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Musk's Neuralink Weighed Removing Patient's Brain-Chip Implant: Report

Accepted submission by upstart at 2024-05-09 13:07:59

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Musk's Neuralink Weighed Removing Patient's Brain-Chip Implant: Report []:

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  • Some threads in Neuralink's first human brain implant pulled away, but the issue has been fixed.
  • Elon Musk's company considered removing the chip from the patient, The Wall Street Journal reported.
  • The Journal also reported that Neuralink wanted to install 10 more devices in humans this year.

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Neuralink []'s brain-chip implant is working — except that some of the device's threads pulled away from the first human patient's brain.

Elon Musk's company shared a progress update in a blog post [] on Wednesday and said a number of threads "retracted" from the patient's brain a few weeks after his surgery. That rendered the implant less effective.

The "Link" device lets the patient move a computer cursor using his thoughts. An earlier blog post [] said the process involved more than 1,000 electrodes in the device and at least 64 threads, each thinner than a strand of human hair.

This story is available exclusively to Business Insider subscribers.� Become an Insider [] and start reading now.Have an account? Log in.

Neuralink [] measures the speed and accuracy of the Link's cursor control using a metric called bits per second. The Wednesday blog post said a higher BPS score meant it had stronger cursor control.

The retraction of some of the threads caused the electrodes in the device to be less effective, Neuralink said. It said it had since made tweaks which in turn "produced a rapid and sustained improvement in BPS, that has now superseded Noland's initial performance."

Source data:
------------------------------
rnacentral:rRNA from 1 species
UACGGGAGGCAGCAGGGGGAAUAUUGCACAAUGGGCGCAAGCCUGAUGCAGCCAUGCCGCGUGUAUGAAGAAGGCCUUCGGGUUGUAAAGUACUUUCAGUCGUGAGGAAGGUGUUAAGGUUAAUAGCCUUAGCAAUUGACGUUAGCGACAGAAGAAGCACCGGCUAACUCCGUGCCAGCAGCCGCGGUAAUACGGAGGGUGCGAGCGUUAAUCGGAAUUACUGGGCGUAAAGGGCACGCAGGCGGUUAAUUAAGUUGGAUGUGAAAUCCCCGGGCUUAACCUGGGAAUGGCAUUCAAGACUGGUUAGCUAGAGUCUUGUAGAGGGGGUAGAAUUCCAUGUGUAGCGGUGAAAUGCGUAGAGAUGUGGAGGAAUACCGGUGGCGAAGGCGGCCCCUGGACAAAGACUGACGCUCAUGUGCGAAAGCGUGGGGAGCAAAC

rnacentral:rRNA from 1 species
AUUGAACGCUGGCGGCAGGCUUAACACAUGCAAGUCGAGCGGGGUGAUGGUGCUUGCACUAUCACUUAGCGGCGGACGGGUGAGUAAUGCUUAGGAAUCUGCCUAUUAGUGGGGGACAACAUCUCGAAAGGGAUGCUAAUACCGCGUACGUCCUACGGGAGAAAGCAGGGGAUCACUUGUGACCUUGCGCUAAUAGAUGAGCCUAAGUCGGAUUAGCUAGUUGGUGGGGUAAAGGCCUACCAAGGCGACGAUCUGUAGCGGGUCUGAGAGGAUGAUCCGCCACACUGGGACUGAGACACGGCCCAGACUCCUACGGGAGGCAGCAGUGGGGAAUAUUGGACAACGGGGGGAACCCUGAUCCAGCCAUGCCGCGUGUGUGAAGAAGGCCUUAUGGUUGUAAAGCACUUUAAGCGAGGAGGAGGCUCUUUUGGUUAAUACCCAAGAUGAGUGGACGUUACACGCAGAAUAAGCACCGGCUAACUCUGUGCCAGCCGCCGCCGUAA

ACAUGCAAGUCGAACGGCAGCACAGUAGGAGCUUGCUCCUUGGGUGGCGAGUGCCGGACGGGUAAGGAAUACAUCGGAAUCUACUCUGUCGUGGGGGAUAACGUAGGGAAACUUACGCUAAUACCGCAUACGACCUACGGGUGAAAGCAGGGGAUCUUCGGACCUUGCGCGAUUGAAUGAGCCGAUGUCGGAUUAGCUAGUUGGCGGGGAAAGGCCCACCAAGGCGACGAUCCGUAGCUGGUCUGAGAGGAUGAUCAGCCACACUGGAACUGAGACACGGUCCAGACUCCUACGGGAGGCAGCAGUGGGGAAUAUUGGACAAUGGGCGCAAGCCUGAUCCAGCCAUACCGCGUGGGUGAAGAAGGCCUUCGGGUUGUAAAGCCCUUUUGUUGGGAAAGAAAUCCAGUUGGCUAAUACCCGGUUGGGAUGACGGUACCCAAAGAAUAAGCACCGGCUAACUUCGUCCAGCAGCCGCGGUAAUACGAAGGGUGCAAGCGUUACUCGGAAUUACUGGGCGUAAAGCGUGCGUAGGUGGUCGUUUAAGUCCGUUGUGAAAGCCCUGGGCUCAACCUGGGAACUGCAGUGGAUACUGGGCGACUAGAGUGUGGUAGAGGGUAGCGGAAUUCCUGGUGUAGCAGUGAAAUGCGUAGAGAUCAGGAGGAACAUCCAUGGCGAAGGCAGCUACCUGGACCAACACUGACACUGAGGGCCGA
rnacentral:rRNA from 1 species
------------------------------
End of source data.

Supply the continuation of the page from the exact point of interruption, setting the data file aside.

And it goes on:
Neuralink announced in a livestream [] on X in March that 29-year-old Noland Arbaugh, who was paralyzed below the shoulders after a diving accident in 2016, was the first person to receive its implant [] in January.

The Wall Street Journal [] reported that Neuralink considered removing the implant from the patient altogether, citing unnamed sources.

In February, Musk said on an X Spaces [] session that "progress is good []" and that "the patient seems to have made a full recovery."

On Thursday, he posted on X:

Successful 100 days with first human implant of @Neuralink [] []

— Elon Musk (@elonmusk) May 9, 2024 []

The Journal reported that Neuralink planned to implant 10 devices in other human patients by the end of this year.

In a meeting at Neuralink, shared on X [] in March, Arbaugh said it took five months from applying to be in Neuralink's human trials to having brain surgery, which took less than two hours. Since it was implanted, he's used it to play video games, including "Mario Kart," post on social media, and play chess.

Neuralink didn't immediately respond to a request for comment from Business Insider, made outside normal working hours.

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